Almost two-thirds of Americans oppose pre-emptive US strike on Iran, fresh poll finds
A sizeable majority of US citizens oppose the idea of pre-emptive strikes on Iran, and massively disapprove of Trump’s policy towards the Islamic Republic, a survey has revealed as tensions continue to flare in the Gulf.
Some 60 percent of Americans believe that the US should not attack Iranian armed forces first, while a measly 12 percent supported carrying out a pre-emptive attack, according to a Tuesday poll by Reuters/Ipsos. That’s despite 53 percent of American adults referring to Iran as a “serious” or “imminent” threat.
That figure, overlooked by many mainstream media outlets, was almost as large as the number of American adults (51 percent) who believed their country is set to go to war against Iran in the next few years.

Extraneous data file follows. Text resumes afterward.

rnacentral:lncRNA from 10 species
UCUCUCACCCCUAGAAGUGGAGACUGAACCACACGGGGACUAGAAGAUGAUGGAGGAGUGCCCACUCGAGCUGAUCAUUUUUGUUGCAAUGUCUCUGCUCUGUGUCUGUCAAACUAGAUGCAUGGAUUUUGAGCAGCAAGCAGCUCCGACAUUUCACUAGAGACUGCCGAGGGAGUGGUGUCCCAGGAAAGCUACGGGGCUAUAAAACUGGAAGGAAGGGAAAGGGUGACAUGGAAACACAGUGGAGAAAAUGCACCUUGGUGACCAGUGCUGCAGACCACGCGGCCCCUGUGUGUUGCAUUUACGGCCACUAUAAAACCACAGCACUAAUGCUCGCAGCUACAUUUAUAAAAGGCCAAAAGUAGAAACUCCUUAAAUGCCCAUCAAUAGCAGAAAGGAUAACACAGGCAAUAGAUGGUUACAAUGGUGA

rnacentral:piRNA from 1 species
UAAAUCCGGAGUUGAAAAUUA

Nerves in the troubled Gulf region were put more on edge last week after Donald Trump delivered a veiled threat to Iran via Twitter, saying that any conflict with the US would mean “the official end of Iran.” During two years of his presidency, he also quit the hard-fought 2015 nuclear deal and re-imposed sweeping sanctions on Iran’s economy.
Now, nearly half – 49 percent – of Americans were notably unappreciative of Trump’s handling of Iran.
US-Iran tensions were fueled by a string of American military deployments this month. The Pentagon has already sent an aircraft carrier strike group, a squadron of B-52 bombers, and a battery of Patriot missiles to the Middle East, stirring up fears of a looming conflict.
Iran was skeptical about the US’ willingness to engage in an all-out military confrontation, saying Washington lacked both the political will and military assets. In the meantime, Tehran stated that while it does not want war, it remains ready for any eventuality.
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